Bank of England governor Andrew Bailey has said he will be “ready to take action” to help the UK economy weather the coronavirus crisis.
He was speaking after figures showed that the country’s economy shrank by 20.4% in April – the largest monthly contraction on record – as the country spent its first full month in lockdown.
“We are still very much in the midst of this,” Mr Bailey said.
But he said the figure was “pretty much in line” with what the bank expected.
“Obviously it’s a dramatic and big number, but actually it’s not a surprising number,” he said.
The Office for National Statistics (ONS) said April’s “historic” fall affected virtually all areas of activity, as large parts of the economy remained shut to battle the pandemic.
The contraction is three times greater than the decline seen during the whole of the 2008 to 2009 economic downturn.
But analysts said April was likely to be the worst month, as the government began easing the lockdown in May.
What else did the governor say?
Mr Bailey said there were “signs of the economy now beginning to come back into life”, but the big question was how much long-term damage the pandemic would cause.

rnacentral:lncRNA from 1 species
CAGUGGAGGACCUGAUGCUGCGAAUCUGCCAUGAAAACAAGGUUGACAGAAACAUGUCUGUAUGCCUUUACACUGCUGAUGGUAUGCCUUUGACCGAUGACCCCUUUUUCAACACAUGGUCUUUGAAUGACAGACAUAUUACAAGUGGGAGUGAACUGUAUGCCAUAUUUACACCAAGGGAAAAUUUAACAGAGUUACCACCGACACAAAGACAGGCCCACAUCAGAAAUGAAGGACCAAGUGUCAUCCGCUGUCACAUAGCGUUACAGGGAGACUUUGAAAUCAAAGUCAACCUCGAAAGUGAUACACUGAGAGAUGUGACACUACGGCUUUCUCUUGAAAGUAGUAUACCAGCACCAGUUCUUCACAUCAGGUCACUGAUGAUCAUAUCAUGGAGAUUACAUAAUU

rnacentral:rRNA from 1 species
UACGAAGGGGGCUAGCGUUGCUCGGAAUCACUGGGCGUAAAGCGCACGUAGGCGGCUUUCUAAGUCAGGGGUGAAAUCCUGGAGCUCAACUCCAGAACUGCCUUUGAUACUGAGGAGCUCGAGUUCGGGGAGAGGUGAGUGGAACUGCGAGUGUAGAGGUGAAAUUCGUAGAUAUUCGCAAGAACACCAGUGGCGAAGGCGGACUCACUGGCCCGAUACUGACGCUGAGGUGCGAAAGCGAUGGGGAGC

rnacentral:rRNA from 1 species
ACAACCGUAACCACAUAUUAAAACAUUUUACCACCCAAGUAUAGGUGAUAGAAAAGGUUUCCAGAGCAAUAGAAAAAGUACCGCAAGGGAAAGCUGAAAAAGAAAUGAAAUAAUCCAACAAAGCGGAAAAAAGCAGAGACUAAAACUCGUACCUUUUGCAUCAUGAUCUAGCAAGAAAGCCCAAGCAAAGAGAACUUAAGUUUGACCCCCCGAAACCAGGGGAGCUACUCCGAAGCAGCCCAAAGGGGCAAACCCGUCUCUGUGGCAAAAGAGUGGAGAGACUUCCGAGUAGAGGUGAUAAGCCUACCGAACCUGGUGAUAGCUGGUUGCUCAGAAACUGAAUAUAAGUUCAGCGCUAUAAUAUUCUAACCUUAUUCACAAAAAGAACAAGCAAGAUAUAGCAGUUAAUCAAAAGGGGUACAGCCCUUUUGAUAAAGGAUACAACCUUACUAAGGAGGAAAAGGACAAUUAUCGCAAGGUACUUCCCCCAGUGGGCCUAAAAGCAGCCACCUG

“That’s the thing we’ve got to be very focused on, because that’s where jobs get lost,” he said.
“Now we hope that will be as small as possible, but we have to be ready and ready to take action, not just the Bank of England, but more broadly on what we can do to offset those longer-term and damaging effects.”
The ONS also published figures for the three months from February to April, which showed a decline of 10.4% compared with the previous three-month period.
News of the slump comes as almost nine million UK workers are having their wages paid by the government, while the number of people claiming unemployment benefit rocketed by 856,500 to 2.1 million in April.
What was the political reaction?
Prime Minister Boris Johnson warned of a “tough” few months ahead, but added: “We will get through it.”
“We’ve always been in no doubt this was going to be a very serious public health crisis but also have big, big economic knock-on effects.
“The UK is heavily dependent on services, we’re a dynamic creative economy, we depend so much on human contact. We have been very badly hit by this.”
Chancellor Rishi Sunak said life would get “a little bit more back to normal” once High Street shops could reopen.
That is set to happen on Monday in England, while shops in Northern Ireland have already been allowed to resume trading. Scotland and Wales have their own timetables for easing restrictions.
In response, shadow chancellor Anneliese Dodds warned that the UK’s economy was shrinking faster than those of other countries.
She said the UK would need “strong action to help us climb out of this as quickly as possible”.